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The Silence of Miss Woodhouse

Jane Austen’s earliest critics, starting with Sir Walter Scott’s famous unsigned review of Emma in 1815, praised the social and geographical confines of the novel, whose style the Scottish novelist considered reminiscent of the domestic and limited scope of Flemish painting (179).  According to Brian Southam, “Of all novelists, Jane Austen is the Anglocentric, narrowly and specifically concerned not with Wales, Scotland, and Ireland, but only with England, the English, and Englishness” (187).1  Her characters are thoroughly English, seemingly unaware of and unconcerned with the changes and tensions within the British Isles, and further afield in the British empire.  Claire Lamont notes that Fanny Price’s and Anne Elliot’s cultural curiosity is atypical of Austen’s heroines:  “if one asks what most people in Austen’s novels think about the world elsewhere with which their country had such intimate and disturbing relations, the answer is, not much” (308).  Austen’s own comments on her artistic practice draw attention to the domestic, provincial focus of her fiction, her claim that “3 or 4 Families in a Country Village is the very thing to work on” implying a deliberate decision to adopt a narrow focus and privilege the local (9–18 September 1814).  R. W. Chapman, Austen’s first editor, considered that her “local attachments . . . were no small part of her genius” (47), a view that still dominates the representation of Austen in the popular imagination today.  Jane Austen is now “England’s Jane,” who, like her heroine Emma Woodhouse, unquestioningly celebrates “English verdure, English culture, English comfort” (E 391).  Emma, however, tests the limits of a narrowly defined Englishness, of local attachments that fail to recognize the value of a diverse community.  The novel also interrogates a celebration of Englishness that ignores the uncomfortable realities of British history, thereby complicating a reading of Emma as fundamentally inward-looking.

Written during the Napoleonic wars and published after the final defeat of the scourge of Europe at the Battle of Waterloo, Emma has been read as Austen’s most patriotic novel, a “national tale” with Englishness as its central theme (Southam 190).  If Highbury represents a “microcosm of Austen’s world” (McMaster 114), as critics have discussed, Emma is also her most insular novel, its heroine having never travelled much farther than Donwell Abbey, the neighboring estate; it’s not even clear that she has been to London, only sixteen miles away, though her sister lives there.  Highbury is a self-sufficient community, whose inhabitants enjoy local produce and believe in the curative powers of their “native air” (E 171).  While Mr. Knightley eyes the Gallic Frank Churchill’s movements with suspicions, Mr. Woodhouse urges his daughter to leave off making any more matches, as “‘they are silly things, and break up one’s family circle grievously’” (12), reflecting a concern about changes to a defined social group.  Emma seems to share her father’s apprehension:  her “‘love of match-making’” (69) is an attempt to preserve the homogeneity of the local community, and by extension England, in contrast to a view of marriage as an important locus of cross-regional and cross-cultural connections and intersectionality.  At the same time, Emma yearns for experiences beyond her “confined society in Surry” (156).  Frank’s arrival is eagerly anticipated precisely because he offers “the pleasure of looking at some body new” (156).  The novel closes on the prospect that Emma will finally go to the seaside on her honeymoon.  The threshold between England and the rest of the world, the sea is the point of contact with the other.  By contemplating the perspective of the seaside, Emma faces her fear of the unknown other.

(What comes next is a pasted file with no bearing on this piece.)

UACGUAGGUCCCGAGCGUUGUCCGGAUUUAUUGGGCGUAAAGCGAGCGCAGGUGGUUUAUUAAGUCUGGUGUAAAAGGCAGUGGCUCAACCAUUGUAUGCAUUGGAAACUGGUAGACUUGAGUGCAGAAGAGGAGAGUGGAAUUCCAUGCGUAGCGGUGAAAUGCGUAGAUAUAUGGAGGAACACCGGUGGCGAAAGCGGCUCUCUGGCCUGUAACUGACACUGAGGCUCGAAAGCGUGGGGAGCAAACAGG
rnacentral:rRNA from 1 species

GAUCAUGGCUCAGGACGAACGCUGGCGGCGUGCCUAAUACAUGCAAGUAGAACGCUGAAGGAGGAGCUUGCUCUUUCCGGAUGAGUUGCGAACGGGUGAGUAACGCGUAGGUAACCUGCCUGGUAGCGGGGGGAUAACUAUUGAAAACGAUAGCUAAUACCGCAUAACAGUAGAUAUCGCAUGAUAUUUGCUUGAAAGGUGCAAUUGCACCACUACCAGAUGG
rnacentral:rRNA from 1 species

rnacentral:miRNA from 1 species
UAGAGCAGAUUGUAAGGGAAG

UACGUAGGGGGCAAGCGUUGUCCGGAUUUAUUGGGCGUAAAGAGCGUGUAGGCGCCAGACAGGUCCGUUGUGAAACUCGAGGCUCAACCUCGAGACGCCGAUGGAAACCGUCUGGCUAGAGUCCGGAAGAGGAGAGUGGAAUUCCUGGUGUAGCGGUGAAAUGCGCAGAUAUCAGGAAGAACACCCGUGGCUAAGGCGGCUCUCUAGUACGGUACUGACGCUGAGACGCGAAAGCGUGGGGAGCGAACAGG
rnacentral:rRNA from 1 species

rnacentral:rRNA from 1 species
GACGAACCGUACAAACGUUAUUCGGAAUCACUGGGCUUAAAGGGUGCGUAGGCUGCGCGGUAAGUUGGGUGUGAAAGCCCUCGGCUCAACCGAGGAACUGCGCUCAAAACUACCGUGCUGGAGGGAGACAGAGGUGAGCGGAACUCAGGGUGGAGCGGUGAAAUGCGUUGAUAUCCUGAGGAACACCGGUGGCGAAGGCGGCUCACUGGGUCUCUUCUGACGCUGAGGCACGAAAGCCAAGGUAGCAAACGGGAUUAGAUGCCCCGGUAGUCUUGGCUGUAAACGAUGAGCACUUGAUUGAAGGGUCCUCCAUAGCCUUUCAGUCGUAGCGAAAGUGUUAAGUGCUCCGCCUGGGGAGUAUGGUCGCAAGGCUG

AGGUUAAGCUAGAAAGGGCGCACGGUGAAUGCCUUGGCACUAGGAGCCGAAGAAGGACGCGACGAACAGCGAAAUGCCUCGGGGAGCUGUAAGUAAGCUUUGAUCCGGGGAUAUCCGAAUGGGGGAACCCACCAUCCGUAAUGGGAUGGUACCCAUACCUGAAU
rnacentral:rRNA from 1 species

Underlining the novel’s focus on the local, characters’ positions in Emma’s world are determined not only by gender and class but also by how long they have resided in Highbury.  Emma considers the Eltons “nobody” partly because their money comes from trade, but more importantly because Mr. Elton had “first entered [the neighborhood] not two years ago” (147).  Mr. Weston’s connections to trade, on the other hand, as his time away from the village, are overlooked because he is “a native of Highbury” (13).  Many villagers have, however, like Mr. Weston and his son, Frank, returned to the community after a period of time “abroad,” which positions them as “insiders-outsiders” (Doody 160), thus complicating the meaning of being native to the place.  Emma ignores this fact, but the novel points to an understanding of identity that is more plural and diverse than its heroine allows.  Daniel Defoe had already demonstrated in the early eighteenth century that an Englishman is a “Het’rogeneous Thing”: 

A True-Born Englishman’s a Contradiction,
In Speech an Irony, in Fact a Fiction.  (35) 

Austen’s own work has often been read as participating in the creation of such a “fiction,” when it can more properly be seen as expressing scepticism towards it and dramatizing its internal contradictions.  As Diego Saglia contends, “Austen’s fiction largely tends to envisage layered and multiple identities, a pluralized Englishness located at the nexus of diverse and competing forms of identification” (76).  Emma’s very emphasis on the local presents a nuanced analysis of the “pluralized Englishness” that Defoe had also identified. Austen’s work reveals the difficulties individuals face when approaching these layered identities and accommodating them within an established social group.  Because the narrative unfolds within a seemingly homogeneous and harmonious neighborhood, Austen is able to uncover the barely perceptible ways in which differences are erected and discriminations are made within the smallest of communities, reminding us that othering can happen between neighbors.